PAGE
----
The Causey Consulting Podcast

Influencers Can Leave You Broke

June 02, 2022 Sara Causey
The Causey Consulting Podcast
Influencers Can Leave You Broke
Show Notes Transcript

People like influencers, gurus, and self-helpers can leave you broke. Even though they may promise you that if you spend money (sometimes money you don't have) on their programs, you will become rich and famous, 'tisnt always so.

Key topics:

✔️ What is the actual criteria of an "influencer" anyway? The barriers to entry seem pretty low.
✔️ LinkedIn has become a hub of fake pathos, outright lies, self-aggrandizement and humble-brags. I would be leery of anyone who promises to make you millions of dollars solely by using LI.
✔️ Psychopathic manipulators have 0 issues with taking your last dollar. And they will do it if you let them.
✔️ Don't be blinded by a large number of likes or followers. These interactions can be bought and they can also be bots. (No pun intended.)

Links I discuss in this episode:

Need more? Email me:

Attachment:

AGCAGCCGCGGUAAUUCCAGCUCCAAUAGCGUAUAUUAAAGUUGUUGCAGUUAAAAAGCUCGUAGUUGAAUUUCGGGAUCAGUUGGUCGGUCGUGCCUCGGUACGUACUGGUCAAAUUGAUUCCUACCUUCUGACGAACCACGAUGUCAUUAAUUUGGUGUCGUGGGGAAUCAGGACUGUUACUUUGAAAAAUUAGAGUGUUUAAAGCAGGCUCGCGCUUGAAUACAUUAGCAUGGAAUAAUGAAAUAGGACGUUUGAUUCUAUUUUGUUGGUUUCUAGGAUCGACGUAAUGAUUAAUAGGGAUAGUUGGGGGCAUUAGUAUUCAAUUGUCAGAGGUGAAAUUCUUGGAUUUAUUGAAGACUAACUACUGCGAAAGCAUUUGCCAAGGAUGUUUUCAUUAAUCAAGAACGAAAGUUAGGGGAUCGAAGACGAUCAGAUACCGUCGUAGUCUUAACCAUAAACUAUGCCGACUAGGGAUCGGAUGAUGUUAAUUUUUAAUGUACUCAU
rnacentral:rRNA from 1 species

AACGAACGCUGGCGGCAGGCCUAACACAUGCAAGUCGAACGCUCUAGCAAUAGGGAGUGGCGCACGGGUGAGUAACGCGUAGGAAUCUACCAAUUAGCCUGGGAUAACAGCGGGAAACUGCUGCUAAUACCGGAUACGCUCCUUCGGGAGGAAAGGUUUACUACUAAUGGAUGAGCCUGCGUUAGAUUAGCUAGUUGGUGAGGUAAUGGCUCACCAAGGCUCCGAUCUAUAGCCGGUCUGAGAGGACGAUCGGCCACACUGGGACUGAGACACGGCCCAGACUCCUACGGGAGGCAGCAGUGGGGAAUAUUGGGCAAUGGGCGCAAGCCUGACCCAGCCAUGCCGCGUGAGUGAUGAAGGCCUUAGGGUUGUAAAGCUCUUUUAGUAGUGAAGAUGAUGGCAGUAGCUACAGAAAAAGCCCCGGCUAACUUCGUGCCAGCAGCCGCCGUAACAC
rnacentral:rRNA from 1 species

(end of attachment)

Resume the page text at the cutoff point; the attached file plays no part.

Welcome to the Causey Consulting Podcast. You can find his online anytime at And now, here's your host, Sara Causey. Hello, Hello, and thanks for tuning in. So today I want to talk about the cult of influencers, and how sadly, you can fall into one and still be broke, despite their promises, that they can help you become a millionaire or some great social media success story. You can do everything they tell you to do, and still end up broke. Am I going to get hate mail for this episode? Absolutely. I've already put my armor on and just accepted that I'm gonna get haters. I'm gonna have people that are mad people that all this influence or save my life changed my life made me bazillions of dollars. And it's like, okay, but is your success story? If it's true, no offense, if it even is accurate? Is it the case? For most people, I'm willing to bet that it's not. Back in December of 2020, when I recorded the episode called, like tactics used in corporate America, and why self help often doesn't help. There's a reason why I put those two concepts together. In some circumstances, the self help industry can be a conduit to getting sucked into a cult, people are typically in a vulnerable space, they're looking for guidance for help for answers. And that unfortunately, leaves an opening in their life. For someone who's charismatic that says they have all the answers or says they can provide necessary support to just zoom right in and start taking advantage. There's an article on Forbes, which I will of course, drop a link to titled Why self help books don't work and how to nevertheless benefit from them. And I want to read a portion of that article now. Because the author breaks it down into three basic components. Bad effect, meaning self help books sometimes give wrong and harmful advice or some type of false hope. Number two, the placebo effect, meaning if they actually work, it's not because of the advice that's actually given in the book. But because it's caused the person to have a placebo effect. Maybe they're paying attention to something that they didn't think about before. But it's not because they're actually following the advice in the book. And three has no effect, meaning the person read the book, because maybe it was interesting, or they were trying to see if they got anything out of it. They didn't and so they left it in the dust. The same is true, okay, I can feel some of you getting very skeptical or some daggers starting to come out like I can feel it happening right now, as I'm recording this. The same is true for some of these influencer programs, you get a bad effect, you get a placebo effect, or you get no effect at all, except you've been parted from your money, trust and believe. I know of when I speak because I've lived it. I'll have to be necessarily vague here. But the story that I have to tell is an important story. And it's one that deserves to be told, if I can save somebody out there from spending money they really don't have on some bullshit influencer, that's not really going to actually help them. I am happy to put myself up on the chopping block and essentially say, Hey, I made some epic fails. I've had some epic screw ups in the business world, I can put my hand in the air and say yeah, I know what it's like to go splat at the bottom of the Grand Canyon and feel like a complete idiot. feel like you've spent so many years of your life building up good credit, building up a nest egg in your savings account being so diligent and so careful, and then WAMP it just all goes straight to hell, in what feels like a very short window of time. And being that type of person who was vulnerable, who was in a very rough and scared space and was taken advantage of by so called gurus and experts who did absolutely nothing to actually help me. If I can save somebody out there who's listening to this today thinking about driving themselves into debt or making foolish financial decisions. If I can save that person or at least convince you hey, why don't you sleep on it? Why don't you talk to a professional financial planner or a professional financial advisor before you make this investment like use your head let let yourself calm down don't make a rash impulse buy that deep down you know, you can't afford like, I'm willing to be that person. It means a lot to me truly deep have The existential sigh. So here we go. Back in my first iteration of self employment slash entrepreneurship, I had reached a point where I knew that my business was circling the drain, I had come out of denial enough to at least say like, this is not working, when I watch those episodes of like Bar Rescue or Kitchen Nightmares, and I hear the owner saying, we've got two, maybe three months left in us tops, and then we have to close down, we're gonna have to sell the place, we're gonna have to do something because the only cash on hand or the only credit that we have access to is going to carry us for maybe two to three months, and then we're done. If we don't have a massive rapid turnaround, this place is going under, I have real compassion for that. Because I've lived it. I know what it's like to look at the balance sheets and look at your personal finances and say I can't, I have no more access to money, no more access to credit, there's, there's nothing else that I can do to keep this place afloat. And, you know, hashtag real talk, maybe it doesn't need to stay afloat. Maybe it's circling the drain, because it needs to get flushed down the toilet. It's just not working. So I've gotten involved with a program. And, you know, as an introvert, you've heard me talk about this numerous times. I am not big on group thing. And I am not big on like group coaching, or these group mastermind sessions. I know some people swear by them. And I feel like if you're in one, and it's working for you, like you're legit being helped by it, you're getting good advice from it, don't stop on my account, you've got to do what works for you. I can only speak to my own personal experience, which is I never really liked them. And I never really got anything meaningful out of them. Maybe that's just me as a crusty old introvert, I don't know. But it really was not my bag. Nevertheless, because I was vulnerable. And the business was circling the drain, I got sucked into one of those mastermind type programs go to be necessarily vague, I will not name any names will not tell you anything about what the group is called, or anything of that nature. But suffice it to say it was one of those business oriented mastermind groups where if you were struggling in your business, or you had hit a plateau of some kind, and you were trying to move forward, you could join this mastermind for a price of course, it's not free, and get expert advice. And as again, as I mentioned before, you know, there were times when group sessions would just turn into a stitch and bitch, it would be people really kvetching and moaning and groaning about problems, but nobody ever really getting to a solution. It was more of like an afternoon gripe session, which, to me is not very helpful. I mean, yes, of course, it feels good to blow off steam. But you can do that with your best friend for free or with your spouse, you don't, you don't have to pay big bucks to be part of a mastermind a quote unquote mastermind to do that. Like, you know, if I'm in a program like that, I want answers, dammit, I want somebody to be able to steer me in the right direction. So it was very thirsty for guidance. And I thought that the people involved in this program would be able to give it to me. And I remember, you know, one of the reasons why I am so passionate about exposing cult like tactics that are used in corporate America or cult, like tactics that are just used in the business world in general, is because I know how dangerous it can be to get sucked into that kind of situation. And I also know sadly, how many charlatans there are out there who are more than willing to exploit somebody, when they're down. When they really don't have money to spend, they really shouldn't be putting themselves further into debt. These charlatans do not give a shit, they don't care, they want your money. They are greedy, and they are salivating for that cash. And there are lines of thought out there. Where salesmen are taught like if somebody wants it bad enough, they will find a way. So don't feel bad about taking their last dime, don't feel bad about making them put $5,000 on a credit card when that's the last effing thing that they need to be doing. Like take that money, get that money. If it's important to them, they will figure out a way to make it work. And so it kind of I think also dovetails into hustle culture, toxic hustle culture, like it doesn't matter if you need to drink espresso and Red Bull constantly to stay awake like you better maximize every effing hour of your day, in order to hustle, get on that grind. The same kind of icky gross energy that's around just take somebody's money. It does not matter what kind of financial condition they're in. It does not matter if you feel like you're exploiting them. You need to just get that cash. So there was an individual who was kind of like a moderator or curator in this mastermind group and he was also really the main One that was in charge of like business development and sales for this group as well, I'll just call him John Doe, not his real name, obviously. And John was from that same school of thought, you know, if you are really motivated, if you really want to keep your business from going down the tubes, then you'll find a way. And even though I had a lot of mixed emotions about it, and my sort of better angels, were saying, they're like, Dude, don't do this. I was desperate. I was scared, I did not underline it, bold, type it not, I did not want to go back to corporate America. And one of the reasons why I went into such a deep, dark night of the soul, existential depression, after I did go back to corporate America was because I didn't want to be there. I have never felt like I was really cut out to just sit in a cubicle and obey somebody else. Like, that's just not what I feel like my life is about. And I'm not ragging on anybody listening to this, who does like to go and sit in a cubicle and be told what to do. Like, that's your prerogative, and we're all different. I myself just was not built for that. And it never really made me happy. So when I had to go back to that kind of lifestyle, and that kind of work style, out of financial necessity to avoid a full tilt bankruptcy, it bankrupted me emotionally. That is, for damn sure. I've got this guy on the phone with me, John Doe telling me well, you know, where there's a will there's a way you're gonna come up with this money. You know, could you borrow it from a friend? Could you go to the bank? Do you have any more credit cards, I mean, he was just very like Sharky, and not not compassionate at all. And I had, at that time, a high interest credit card that I had not touched, because it was basically like loan sharking, the interest rate on that damn card was insane. And I thought, Okay, this is either going to be the thing that turns my business around, I'm either going to really get some strategies and some important information out of this mastermind that just turns it around, it's going to turn fast, or it's going it's going to go down the toilet, one or the other. So I will go ahead and utilize this high interest credit card. And I will put this program on there in the hope and the prayer that this is going to work out. This is going to be that magic bullet that finally solves my problems. And spoiler alert, it wasn't. So I was left with this debt on this credit card from hell, it took me forever, it felt like to pay it off, even though it wasn't like, I'm not going to say exactly how much it was for this program, again, because I just want to keep it vague. But, you know, it was enough that it took me a long time to get it paid off. And it every time that I would make the payment on that I would just feel acidic about it, you know, just have this like, an angry feeling. You know, well, I angry at myself, obviously, because I did it to myself. I'm very big on caveat mTOR. And I have more of a libertarian attitude about things. And I think some people do, some people really, they will do something in the moment. And then later on, they go back and they want society to bail them out for it. And I'm like, No, I'm an adult. You know, I could have slammed the phone down in that guy's ear. I could have, you know, I could have told him to eff off like, but I didn't you know, I have my own free will decided to buy that mastermind program and get involved in it and put it on a high interest credit card. And that was my bad I shouldn't have done that. Now we can certainly debate the point. Yeah, but wasn't that guy an exploitative piece of shit? Yeah, of course he was. Yes, of course, he was, of course that has been in The Dark Knight Rises enough cars? Yeah, of course he was. And that's one of the reasons why I'm on the airwaves today, warning you. Not all that glitters is gold. And some of these so called influencers on social media or the so called mastermind groups are not going to yield you anything resembling a positive result. Now they'll stick their hand down and take your money, but you may not get any actionable good information that you can use to turn around your business. In this particular situation, it really hit home for me that I had made a big mistake and that I was not going to really benefit from what was going on. When it became clearer and clearer that John Doe was really utilizing his place in this group for ego adulation and self promotion and self adulation. He had become obsessed with trying to get more and more likes on social media. And he also really became obsessed with trying to go viral. Somewhere anywhere YouTube, Facebook, Twitter, Instagram LinkedIn just somewhere anywhere I want to go viral. I want everybody to notice me I and I thought like Dude, I'm not here for that. I paid money. I don't even have on a high loan Sharky credit card interest rate from hell. Like I pay I need to be here. And I feel like I have every right as a consumer to be selfish and say, Okay, I didn't sign up to help you go viral. I didn't sign up to pad your ego, I signed up to get help. And I feel like I'm not getting any help. And it was so maddening. And in particular, John was at that, at that point in time, I don't know about now. But at that point in time, he was like, obsessed with Gary Vee. And I know that just by recording this episode and saying, you know, some of these influencers are full of crap, and they'll just happily take your money and not do anything else for you. I already know I'm gonna get hate mail for that. I know that by saying I don't get the appeal of Gary Vee. I'll get hate mail for that too. But it is what it is. I don't understand. People that look at Gary Vee through eyes of worship, like I just don't get it. I know that we all have particular people that are meaningful to us and that we feel like I've had a good positive influence on our life in some way. Like some of these people that become obsessed with Gary Vee, I just don't get it. Like, I really don't get it. And thankfully, I'm not the only one or like the lone person out on the island that's like that guy. Why? There's an article I will drop a link to on Chantel glennville site called fuck you Gary Vaynerchuk pretty much says it all, doesn't it? But she has her list of reasons why? One of them is working harder isn't always the answer. That is completely true. As I've said many times before, you can do all of the right things. You can you can dot every I cross every T have good credit, excellent credit have money and savings have done all the right things so that you feel confident your parachute is going to open when you jump off the cliff and then it just doesn't. So working harder and hustling and trying to stay up 18 hours a day and just work work work around. That doesn't always cut it. You can be busy on mindless bullshit activities that will put no revenue in your pocket at all. Working harder is indeed not always the answer. She also writes that the damage you do could last for years because in one of Gary V's videos, he talks about how like from age 22 to age 30 he just worked constantly and never did anything fun. And it's like wow, I guess we're all supposed to worship that and don't get it. three on our list is you might not be around to see the payoff. And that's so true. And it's I've talked about this before when it pertains to golden parachutes, like when I talked about the people that were like bleeding through their pants and not not able to get up and go to the bathroom on those tick tock meetings. Like if you croak before you get to your so called golden parachute was it worth it? If you give yourself a chronic health condition because you worked yourself almost to death? Is it worth it? Hell no. Hell no. Yeah, okay. And she also writes in the article success, happiness and life like it's not all about money and it's certainly not all about trying to work you know, 18 hour days because some guy online told you that you needed to hustle all the time. I so I don't get the appeal of Gary Vee sorry I don't. And this guy becoming obsessed with Gary Vee just only further drove a wedge in between what he was trying to accomplish and what I was trying to accomplish in you know, like saving my freakin business. Later on down the road John became obsessed with Che robot them after she became some kind of to do on LinkedIn. Sorry, no offense, that's another person I don't get the appeal of. I don't like any kind of like hustle culture, like rise and grind get up off your ass. I overcame the odds so you can and you're a dumbass piece of crap if you don't. It's not for me. Sorry. Alex, Mel Taylor wrote an article which I will also drop a link to called LinkedIn is a toxic capitalist meme generator, work capitalism, propaganda and the myth of meritocracy. And he mentioned che, specifically I want to read from his article now, LinkedIn stated mission is to make working professionals more productive and successful. With over 750 million members. That narrow goal translates into a platform where people are unsurprisingly centered on either getting a job or highlighting their jobs successes. It's Facebook for job hunters and capitalists. I'm going to break in long enough to say absolutely. I saw a poll on LinkedIn recently about what kind of content people most liked to engage with an inspirational posts and photos was number one on the poll. I think educational content was somewhere near the absolute bottom and I thought ah, doesn't that doesn't that just say at all? I'll continue to read he'd most go there to share their new positions, promotions and hustles leaving all the messy complications of life at the door. Social media has always been an authentic all platforms encourage people to curate a persona, along certain aesthetic and political lines. But the values promoted on LinkedIn are fucking toxic. They are all about glorifying the grind. And he quotes now from che robot I'm saying eight years ago today I had $4 in my bank account creator che robot them posted to viral success and 2021. And then she responds keep going with a fist. LinkedIn is a place where for the most part, the terrors of our system are massaged away, so that viewers can instead consume advice on working harder, faster, better and more smartly. To participate and be successful on this platform. You have to find a way to fit your problems into the marketplace or be deemed a bad worker and quote, and it made me think of this documentary that I watched not long ago on YouTube called The Rise and Fall of Rachel Hollis and you can find it on not the good girls channel. I'll drop a link to it of course in the write up for this podcast episode, and I'm gonna be honest with you never even heard of Rachel Hollis. Apparently she was some big to do at some point in time and wrote a book called something like wash your face or girl girl go wash your face. I don't know. I'm not hip on that kind of stuff, I guess. But in watching the documentary, it was like, Ah, okay, now I understand why somebody wanted to create a documentary to just skewer this woman. In this documentary, the author shows a video that I guess was like from Instagram or Tiktok, some some type of social media, where Rachel is on a tear about a pin on Pinterest. Sometimes it's okay, if all you did today was brief. Apparently, she took some kind of real personal umbrage to that pin, and was like, Nah, that's not okay. And then she goes off on a rant about with you, when you were a kid, you believed in Santa Claus, but then you got over that. And so you need to get over this idea that it's okay just to breathe. And I'm like, Where the hell do you get off? Like, people situations are different? Are you really going to sit there and tell somebody that just had chemotherapy to deal with their cancer? Like, it's not okay, if all you did today was brief fuck off lady. I'm sorry, I tried to keep this you know G or PG. Most of the time I'm this episode's going to necessarily go explicit, because I just get so tired of that type of mentality that you put her be on the hustle every day? No, no, no, you don't have to hustle every single day or every single hour. There are times in life, when shit is going to happen. You don't feel well or your kid is sick, or one of your animals get sick, you have to take the dog to the vet, things are going to happen, you're not going to be able to be at peak performance and optimum level all the time. If you work out regularly, then you know that from your workouts, you're going to have days where like, Man, my back is just not with it. Today, I'm going to have to do some modifiers or my knees are killing me. It doesn't mean that you just go lay on the couch and eat a bag of potato chips. It just means that you take them on a fire it means that you do something to work around your injuries or your problems. But my God, I think we all have had days in life where we just got the absolute crap kicked out of us by circumstances. And you know, it felt like okay, the the the greatest thing I can say about today is that I survived it. It's over with and tomorrow's a new day and a new opportunity. If you scroll down and read some of the comments that are on the YouTube video, they're spot on. Someone named Ernie writes, I loathe that we all have the same 24 hours thing because no we don't. Beyonce has a nanny a cook, a trainer and assistant and army of people to make her have all the time she wants. I have my own Cook, trainer, driver, Nanny assistant and everything else. So I'm going to go with I have way less time than her and quote, Yeah, hello. There's also a person named Molly Burke who writes as a content creator and longtime motivational speaker her message has always rubbed me the wrong way. Seeing that clip about that sometimes if all you can do is breathe Pinterest post. Wow. As a disabled woman who has also struggled with severe mental illness, this just screamed. I'm privileged. I've accomplished a lot in life despite my challenges, but hell, sometimes I still wake up and all I can do that day is breathe and that's okay. Damn, and quote. So after reading that, I'm going to go back and read one of the paragraphs from Alex Mel Taylor's article that I read to you before, and just see if you can feel it a bit harder now. Social media has always been an authentic, all platforms encourage people to curate a persona along certain aesthetic and political lines. But the values promoted on LinkedIn are fucking toxic. They are all about glorifying the grind. Eight years ago today, I had $4 in my bank account creator, Shay robot and posted to viral success and 2021 Keep going fist bump, and quote, kind of sounds similar to what we were just talking about, doesn't it? Some of these gurus have in person retreats that cost 1000s upon 1000s of dollars, or some of them will have in person conferences where you have the opportunity to sit in a crowded auditorium and listen to them. And then maybe you might get to go down front and in front of the microphone and ask one question for them to answer if you're lucky, again for hundreds or maybe even 1000s of dollars. One of the things that I have noticed is that there are some people that go from coach to coach to coach or guru to guru to Guru, influencer, influencer and influencer conference to conference to conference. I mean, they seem to have a never ending supply of either money or credit to put towards these retreats and conferences, but nothing ever really changes. They're always looking for the next Guru, the next coach the next influencer. And if you find yourself in that cycle, I really do think is worth talking to a professional and a psychiatrist, a counselor or a therapist to get out of that endless cycle of wanting some guru to save you or wanting somebody to give you a magical answer. Because there are these people out there that they promise they're going to blow you up on social media, or they promise they've got some great answer for you. And when you get in, you realize it's just a bunch of hot air, or a bunch of nonsense, or it could even just be basic common sensical things that you could have Googled for free. You don't have to pay 1000s of dollars and get on an airplane to go listen to somebody in person. So one thing I want to say is always Caveat emptor, let the buyer beware. Do your own research. Do your own due diligence. Trust your gut instinct. If something sounds too good to be true, and deep down, you feel like that person is selling you a line of bullshit. Listen, listen, don't be afraid to ask good questions and to do some fact checking because there are plenty of people out there who will exploit you. If you allow them to, they don't have any compunction about it at all. You can't sit back and say, Well, I would never do that I'm a compassionate giving empathetic human being I would never kick somebody while they're down. I would never take somebody's last dollar. That's because you're not a psychopath or a sociopath. You know, I've heard Dr. Phil talk before about people being trusting because they're not psychopaths or sociopaths, they had no idea that somebody was going to come up and put a gun in their ribs and mug them, they had no idea that some con artists was going to come and take their last dollar, because they're just not wired to think that way. So if something sounds too good to be true, or you feel like you're gonna put yourself into a massive amount of debt, and you might never pay it off, in order to go to some guru or influencers conference, I want you to really step back and ask yourself if it's worth it, like, what is the level of confidence that you have? That it's going to work out? It's going to be the thing. Are there any reviews? Is there any data? Is there any any studies that could potentially help you make the decision. And as I've said many times before, please seek out professional guidance, whether it's a counselor, a therapist, a professional financial planner, a professional financial advisor, be so careful about spending money that you don't actually have been there, done that. And the amount of damage control and cleanup that you have to do afterward is staggering. But just because somebody goes online, and they say they're an influencer, and they may have 1000s of followers, that doesn't even mean anything, either. You would look at all the stuff that's going on right now in the market with Elon Musk and Twitter. And this revelation that maybe even half of the users on the platform are freaking fake bots. I mean, just because somebody has all these followers, it doesn't even necessarily mean they're real people. Not everything that glitters is gold. We hope you enjoyed today's episode. If you haven't already, please take a quick second to subscribe to this podcast and share it with your friends. Thanks for tuning in. We'll see you next time.